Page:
Hemp is a very versatile plant. It can be used to make paper, clothing and organic medicine
(CBD extracts). Recently, a breakthrough in cannabis technology has ushered in a new hemp
creation: a fully functional car. Bruce Michael Dietzen, a Florida native, was responsible for the
production of the vehicle.
“This green machine is made from three plies of woven hemp, making it lighter than cars made
from fiberglass,” said Dietzen. “The body of the car uses about 100 pounds of woven hemp.”
Inspired by Henry Ford
The former Dell executive confirmed that his green sports car was inspired by Henry Ford’s
contributions to the hemp industry. In 1941, Ford used the plant to build the world’s first
soybean hemp car. Dietzen’s version is more robust, both aesthetically and under the hood. It
supports a body that is up to 10 times more resistant to dent, compared to steel. The car was
made using the chassis of a Mazda as a foundation. When it comes to weight, the vessel is
lighter than most vehicles currently available in the market today. This equates to less fuel
consumption, and more room for add-ons and customizations.
From a distance, the vehicle does not look like it was made using organic material. The plant
was processed to resemble metal sheets in order to hide the loose strands commonly
associated with hemp. From a cost perspective, the car is not a cheap investment. It cost
$200,000 to build the vessel, and the only way to drive the price down would be through large-
scale manufacturing. It also didn’t help that Dietzen had to import hemp from China.
“I live in Florida, hemp is still illegal to grow so I had to import the woven material all the way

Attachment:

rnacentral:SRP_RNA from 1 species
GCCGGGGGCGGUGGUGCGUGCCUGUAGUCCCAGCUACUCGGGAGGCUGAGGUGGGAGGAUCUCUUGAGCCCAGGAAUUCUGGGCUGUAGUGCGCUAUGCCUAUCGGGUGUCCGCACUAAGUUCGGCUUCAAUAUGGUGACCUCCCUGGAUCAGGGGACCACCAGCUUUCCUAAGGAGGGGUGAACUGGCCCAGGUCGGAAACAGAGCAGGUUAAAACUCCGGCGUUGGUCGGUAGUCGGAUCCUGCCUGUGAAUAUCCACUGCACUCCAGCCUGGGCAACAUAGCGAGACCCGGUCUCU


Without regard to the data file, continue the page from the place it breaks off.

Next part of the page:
from China because we still don’t have the facilities that can make hemp fabrics,” explained the
car enthusiast. Interestingly, Dietzen’s creation runs on bio fuel derived from natural waste that
is designed to emit a lower carbon footprint than an electric vehicle.
Florida’s Hemp Laws
Growing hemp is illegal in the state of Florida, but local officials are slowly opening up to the
possibility of allowing groups to work with the plant on an agricultural and research level. Last
year, the state Senate committee approved Senate Bill 902, which failed to come to fruition in
the hands of the Senate Criminal Justice Committee. For now, the 2014 Farm Bill serves as an
entry point for individuals who want to work with the plant. Section 7606 of the bill limits the
cultivation of industrial hemp for universities and state departments of agriculture.
Florida is set to vote on a pivotal medical marijuana measure in November on the 2016 ballot. If
approved (60 percent is the state’s standard), Florida would be the first state in the
southeastern region to actively participate in a legal medical cannabis program.